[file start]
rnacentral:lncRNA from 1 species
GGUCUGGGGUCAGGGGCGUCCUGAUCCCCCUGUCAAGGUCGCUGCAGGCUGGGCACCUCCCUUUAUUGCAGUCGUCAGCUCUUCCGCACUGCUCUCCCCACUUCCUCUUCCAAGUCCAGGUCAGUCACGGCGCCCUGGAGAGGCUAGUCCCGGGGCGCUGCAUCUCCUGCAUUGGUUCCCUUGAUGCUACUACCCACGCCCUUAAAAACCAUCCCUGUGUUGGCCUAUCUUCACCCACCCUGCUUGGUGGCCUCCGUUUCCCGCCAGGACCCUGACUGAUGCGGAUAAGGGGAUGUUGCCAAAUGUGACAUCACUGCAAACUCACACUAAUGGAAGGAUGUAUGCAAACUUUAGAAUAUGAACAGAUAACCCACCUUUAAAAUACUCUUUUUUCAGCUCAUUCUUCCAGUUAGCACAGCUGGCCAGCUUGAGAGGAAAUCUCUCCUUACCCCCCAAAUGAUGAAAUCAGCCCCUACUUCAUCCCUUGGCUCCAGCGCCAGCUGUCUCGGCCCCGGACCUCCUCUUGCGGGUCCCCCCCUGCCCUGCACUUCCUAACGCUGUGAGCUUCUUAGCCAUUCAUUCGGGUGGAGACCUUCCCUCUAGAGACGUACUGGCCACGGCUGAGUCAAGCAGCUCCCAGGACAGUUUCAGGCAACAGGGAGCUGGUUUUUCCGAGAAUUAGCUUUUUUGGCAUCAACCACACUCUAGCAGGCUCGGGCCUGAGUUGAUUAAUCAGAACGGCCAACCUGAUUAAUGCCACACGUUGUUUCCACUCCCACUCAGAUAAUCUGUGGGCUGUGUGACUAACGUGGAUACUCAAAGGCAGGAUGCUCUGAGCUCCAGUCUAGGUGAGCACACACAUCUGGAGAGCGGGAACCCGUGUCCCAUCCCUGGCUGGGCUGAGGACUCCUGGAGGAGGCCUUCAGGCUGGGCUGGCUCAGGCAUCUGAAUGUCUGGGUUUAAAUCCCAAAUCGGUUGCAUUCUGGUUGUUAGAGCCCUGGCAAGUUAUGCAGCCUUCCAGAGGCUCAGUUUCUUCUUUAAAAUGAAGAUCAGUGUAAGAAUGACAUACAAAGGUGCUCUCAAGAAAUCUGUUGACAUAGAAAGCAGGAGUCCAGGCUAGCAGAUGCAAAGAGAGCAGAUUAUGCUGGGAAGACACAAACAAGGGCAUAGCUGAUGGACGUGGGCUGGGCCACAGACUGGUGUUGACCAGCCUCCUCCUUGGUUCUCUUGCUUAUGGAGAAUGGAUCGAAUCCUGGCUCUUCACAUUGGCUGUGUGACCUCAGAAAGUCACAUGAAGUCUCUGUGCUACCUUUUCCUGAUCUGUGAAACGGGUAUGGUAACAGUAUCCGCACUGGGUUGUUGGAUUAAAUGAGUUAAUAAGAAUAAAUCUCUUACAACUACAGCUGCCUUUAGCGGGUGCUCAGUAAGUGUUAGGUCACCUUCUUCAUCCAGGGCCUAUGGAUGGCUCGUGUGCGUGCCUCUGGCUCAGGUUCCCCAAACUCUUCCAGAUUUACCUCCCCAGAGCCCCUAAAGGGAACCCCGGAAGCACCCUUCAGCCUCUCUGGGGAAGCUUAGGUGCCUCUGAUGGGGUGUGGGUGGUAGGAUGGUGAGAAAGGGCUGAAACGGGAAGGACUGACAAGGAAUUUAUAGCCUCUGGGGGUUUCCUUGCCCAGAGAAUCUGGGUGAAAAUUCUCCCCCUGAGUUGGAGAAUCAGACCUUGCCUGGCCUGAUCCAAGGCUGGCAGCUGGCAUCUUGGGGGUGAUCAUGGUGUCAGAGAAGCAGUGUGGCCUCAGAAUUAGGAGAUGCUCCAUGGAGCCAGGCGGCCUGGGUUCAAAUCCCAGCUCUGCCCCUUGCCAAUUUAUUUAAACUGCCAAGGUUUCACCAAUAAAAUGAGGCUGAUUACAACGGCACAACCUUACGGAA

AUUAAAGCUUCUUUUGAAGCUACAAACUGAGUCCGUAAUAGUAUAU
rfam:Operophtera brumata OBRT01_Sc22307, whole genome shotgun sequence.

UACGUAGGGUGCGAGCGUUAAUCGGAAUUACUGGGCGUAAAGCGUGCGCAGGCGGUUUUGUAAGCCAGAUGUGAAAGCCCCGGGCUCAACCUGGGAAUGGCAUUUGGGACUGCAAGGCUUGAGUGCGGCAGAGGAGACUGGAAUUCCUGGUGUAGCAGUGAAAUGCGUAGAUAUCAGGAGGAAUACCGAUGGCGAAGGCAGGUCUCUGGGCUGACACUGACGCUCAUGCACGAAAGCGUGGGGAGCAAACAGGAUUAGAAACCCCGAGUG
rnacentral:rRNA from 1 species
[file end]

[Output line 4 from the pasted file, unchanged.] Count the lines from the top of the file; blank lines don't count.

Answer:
rfam:Operophtera brumata OBRT01_Sc22307, whole genome shotgun sequence.